I agreed to return for another test, this time a blood test, which brings us to last week’s news. The good news was that almost everything was fine. As gentle as she was, the one bit of bad news was worse than I thought, though not as bad as it could be. I may be diabetic, but it isn’t to the extent of pricking my finger or giving myself injections. It also can’t be ignored, and I’m not ignoring it. Hence, this post; because such things influence personal finance on both the income and expense side.
Work is probably the main cause of the condition, and is necessary to pay for the cure. Actually, that is incorrect. Working too hard wasn’t as bad as working so hard that I didn’t exercise, meditate, or relax enough. My fitness dropped. My weight climbed. Simple things like bad ergonomics allowed various aches and pains to accumulate. Work is not, however, necessary to pay for the cure; money is. Right now, unless I’ve won the lottery, money comes from work. Until there’s an excess of money, I must maintain about this level of work.
That’s life in the Gig Economy. As I said on Marketplace, working in the Gig Economy is expensive. Here’s a case where I pay for hundreds of dollars per month for insurance, but for far less than that I can find good health care. Those hundreds of dollars going to health insurance come from days of working. If I could swap that money for time to exercise, meditate, and relax, I might not be in this condition. That is an option I am considering, not carrying health insurance so I can be healthy. Then the biggest penalty may be whatever the government imposes.
I took a day to reflect on work, life, health, and anything else that came to mind. (My apologies to those clients whose work was delayed by a day. I think I may have lost one or two because of it.) The news was better than I thought. In general, my work schedule has been full; but the last three months had a perfect storm of rush jobs, reworks from redefined tasks, and the real storm of terrible weather for working out. That was temporary. Spring has returned. Already my work calendar is returning to normal, I’ve identified some adjustments, and found at least three full time island jobs that would be a great improvement. I’ve already applied for the position of Executive Director for the Port of Coupeville, and Communications and Outreach Specialist at Whidbey Camano Land Trust; both are jobs that fit personal passions: sustainable economics and environment.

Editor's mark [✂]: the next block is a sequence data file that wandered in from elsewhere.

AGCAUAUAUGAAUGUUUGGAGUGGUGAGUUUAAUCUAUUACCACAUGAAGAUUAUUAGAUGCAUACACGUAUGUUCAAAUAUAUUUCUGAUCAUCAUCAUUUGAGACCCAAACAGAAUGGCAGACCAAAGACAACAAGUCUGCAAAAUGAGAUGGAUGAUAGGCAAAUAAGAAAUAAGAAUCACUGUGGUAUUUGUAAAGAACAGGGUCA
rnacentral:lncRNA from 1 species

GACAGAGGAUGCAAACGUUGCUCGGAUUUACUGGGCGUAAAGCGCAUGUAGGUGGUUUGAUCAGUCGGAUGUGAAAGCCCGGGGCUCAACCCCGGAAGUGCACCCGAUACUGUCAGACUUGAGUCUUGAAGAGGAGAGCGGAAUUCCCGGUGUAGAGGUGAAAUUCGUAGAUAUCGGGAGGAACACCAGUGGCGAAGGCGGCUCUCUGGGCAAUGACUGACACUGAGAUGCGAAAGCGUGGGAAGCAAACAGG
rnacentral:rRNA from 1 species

Regardless of my place in 1099 and W-2 economies, I have to add one more task to my list: me. Exercise; hey, I rode across America, hiked the Cascades, and walked across Scotland. I can do this. Diet: I enjoy cooking, now I get to invent new recipes that avoid gluten, milk, cream, and grains. As one person said, “Sounds like bacon and eggs three times a day.” Intriguing. There may be pills involved. There will definitely be more tests involved. One of my sources of optimism is that there is always change involved. I couldn’t have predicted I’d be in this situation, so I don’t know what comes next. But, as another friend said, “What?! Diabetes!? Haven’t you had enough bad luck? It’s time for something good to happen to you.” I agree.